Gareth Johnson, the Conservative MP for Dartford, has called for the Crown Prosecution Service (CPS) to more frequently consider charging with manslaughter rather than death by dangerous driving. He argues that this would allow life sentences to be handed out, rather than a maximum of 14 years.
The comments were made during a House of Commons adjournment debate on sentencing for dangerous driving offences.
“If a person causes someone’s death by behaving in a grossly negligent or reckless manner anywhere else in society, they are charged with manslaughter. If that happens on the road, however, they are not; they are charged with death by dangerous driving. There is no legal reason why that should be.”
Johnson argues that if a person is convicted of manslaughter, it gives the sentencing court far more powers and a maximum possible sentence of life, rather than 14 years. However, Mike Penning, the Minister for Policing, Criminal Justice and Victims, responded by saying that it was a question of whether the driver intended to go and do what they did and that this was why the CPS tended to hold back from prosecuting for murder or manslaughter.
The debate had been secured by Alok Sharma, the Conservative MP for Reading West. He is pushing for a change in sentencing laws in the wake of a case involving two of his constituents, cyclists John Morland and Kris Jarvis, who were killed as a result of the dangerous driving of Alexander Walter earlier this year.
Walter was driving without insurance, at 70mph in a 30mph zone, whilst already disqualified from driving. He was nearly two and a half times over the alcohol limit and was being pursued by police. He had also taken cocaine less than 24 hours prior to the incident and had 67 previous criminal convictions, including a bomb hoax only days after 9/11. After pleading guilty to causing death by dangerous driving, he was sentenced to 10 years and three months imprisonment.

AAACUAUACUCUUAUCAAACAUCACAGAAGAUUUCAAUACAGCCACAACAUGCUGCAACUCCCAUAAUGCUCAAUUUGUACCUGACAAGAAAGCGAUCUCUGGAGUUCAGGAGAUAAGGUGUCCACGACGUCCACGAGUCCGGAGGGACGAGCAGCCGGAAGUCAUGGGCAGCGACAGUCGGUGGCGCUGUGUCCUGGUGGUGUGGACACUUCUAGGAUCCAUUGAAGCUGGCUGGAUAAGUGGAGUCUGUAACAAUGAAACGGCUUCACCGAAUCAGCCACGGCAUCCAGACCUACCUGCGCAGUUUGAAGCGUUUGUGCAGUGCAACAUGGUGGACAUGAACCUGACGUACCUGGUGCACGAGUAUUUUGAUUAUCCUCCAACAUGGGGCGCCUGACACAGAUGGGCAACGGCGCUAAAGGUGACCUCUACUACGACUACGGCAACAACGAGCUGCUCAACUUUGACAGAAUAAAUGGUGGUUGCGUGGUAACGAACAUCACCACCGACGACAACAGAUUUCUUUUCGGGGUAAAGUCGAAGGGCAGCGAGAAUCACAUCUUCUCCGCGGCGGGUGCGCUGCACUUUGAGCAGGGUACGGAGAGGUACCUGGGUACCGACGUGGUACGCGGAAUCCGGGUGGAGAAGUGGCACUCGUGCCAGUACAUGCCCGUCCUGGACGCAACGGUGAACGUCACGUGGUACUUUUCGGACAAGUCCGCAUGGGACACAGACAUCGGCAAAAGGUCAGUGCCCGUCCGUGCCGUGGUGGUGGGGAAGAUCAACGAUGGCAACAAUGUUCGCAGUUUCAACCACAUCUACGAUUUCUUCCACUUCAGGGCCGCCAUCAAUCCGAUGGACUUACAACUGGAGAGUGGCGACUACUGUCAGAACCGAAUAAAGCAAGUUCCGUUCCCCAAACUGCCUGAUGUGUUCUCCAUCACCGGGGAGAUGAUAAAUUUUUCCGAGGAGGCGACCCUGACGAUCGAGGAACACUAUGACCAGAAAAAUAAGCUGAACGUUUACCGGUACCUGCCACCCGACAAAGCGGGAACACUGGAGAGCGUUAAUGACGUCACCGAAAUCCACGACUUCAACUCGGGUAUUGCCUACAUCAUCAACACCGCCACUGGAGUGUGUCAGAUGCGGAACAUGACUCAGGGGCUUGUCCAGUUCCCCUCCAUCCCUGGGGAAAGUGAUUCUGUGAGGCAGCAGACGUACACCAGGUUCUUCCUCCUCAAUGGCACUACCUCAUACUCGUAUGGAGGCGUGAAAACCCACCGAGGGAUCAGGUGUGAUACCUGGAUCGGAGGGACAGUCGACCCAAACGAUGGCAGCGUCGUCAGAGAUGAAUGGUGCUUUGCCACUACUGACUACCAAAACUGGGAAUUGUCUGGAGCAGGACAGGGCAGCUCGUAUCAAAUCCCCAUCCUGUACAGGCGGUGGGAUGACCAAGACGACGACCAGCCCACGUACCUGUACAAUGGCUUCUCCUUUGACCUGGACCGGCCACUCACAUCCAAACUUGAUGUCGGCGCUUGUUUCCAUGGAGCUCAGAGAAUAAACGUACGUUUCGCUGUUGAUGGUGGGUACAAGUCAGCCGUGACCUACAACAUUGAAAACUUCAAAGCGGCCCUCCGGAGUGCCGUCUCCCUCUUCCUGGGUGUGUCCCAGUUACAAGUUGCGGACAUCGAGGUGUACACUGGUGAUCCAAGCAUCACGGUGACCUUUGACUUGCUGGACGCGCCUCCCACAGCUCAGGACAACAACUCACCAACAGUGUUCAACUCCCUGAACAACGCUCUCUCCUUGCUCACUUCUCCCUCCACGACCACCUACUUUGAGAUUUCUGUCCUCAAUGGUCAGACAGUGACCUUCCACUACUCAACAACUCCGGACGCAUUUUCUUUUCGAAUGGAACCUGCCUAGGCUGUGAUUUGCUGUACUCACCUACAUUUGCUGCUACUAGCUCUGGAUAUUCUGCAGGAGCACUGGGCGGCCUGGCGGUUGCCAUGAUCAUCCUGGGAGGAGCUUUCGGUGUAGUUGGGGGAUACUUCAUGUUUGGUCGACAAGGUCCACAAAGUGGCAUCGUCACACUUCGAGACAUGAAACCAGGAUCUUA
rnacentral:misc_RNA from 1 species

Sharma would like to see consecutive, rather than concurrent sentences being served.
“If Walter had been given 14 years for each death, he would now be facing 28 years behind bars rather than being out in what will probably be a lot less than 10 years.”
Sharma drew attention to an online petition launched by Tracey Fidler and Hayley Lindsay, the fiancées of Jarvis and Morland. The petition calls for drivers to receive a maximum sentence of 14 years per person who has been killed and so far, 25,000 people have signed.
“I do not believe that 10 years was a long enough sentence for what Walter did. The families affected do not believe that, and, so far, 25,000 people across our land do not, either. We have heard today that Members of Parliament representing many, many people across our country do not believe that that was right. I would like us all to sign the petition, which should influence the review, and to bring about a change in the law.”
The Justice Secretary, Chris Grayling, has already committed to a review of all driving related offences and penalties which is expected to conclude early next year. Penning, the minister responding to the debate, committed to holding a public consultation on the issue. Sharma said he would be urging as many people as possible to take part, to make absolutely clear the strength of public feeling.
CTC, the national cycling charity, have been one of the groups campaigning for a sentencing review. Roger Geffen, Campaigns and Policy Director, said:
“Driving is unique among day-to-day activities, in that a momentary lapse of attention can lead to another person being killed or maimed. CTC’s Road Justice campaign believes the legal system needs to reinforce the responsibilities of drivers for the safety of other road users – particularly pedestrians and cyclists – while recognising that jurors will sometimes be reluctant to convict drivers for crimes they know they could easily have committed themselves.
“The courts need to be much more willing to use long driving bans as a sentencing option, with long custodial sentences being reserved for really serious cases – like that of Alexander Farrar Walter – where there is a significant risk of the driver reoffending. This approach ensures public protection, as well as providing a strong deterrent to prevent bad driving occurring in the first place.”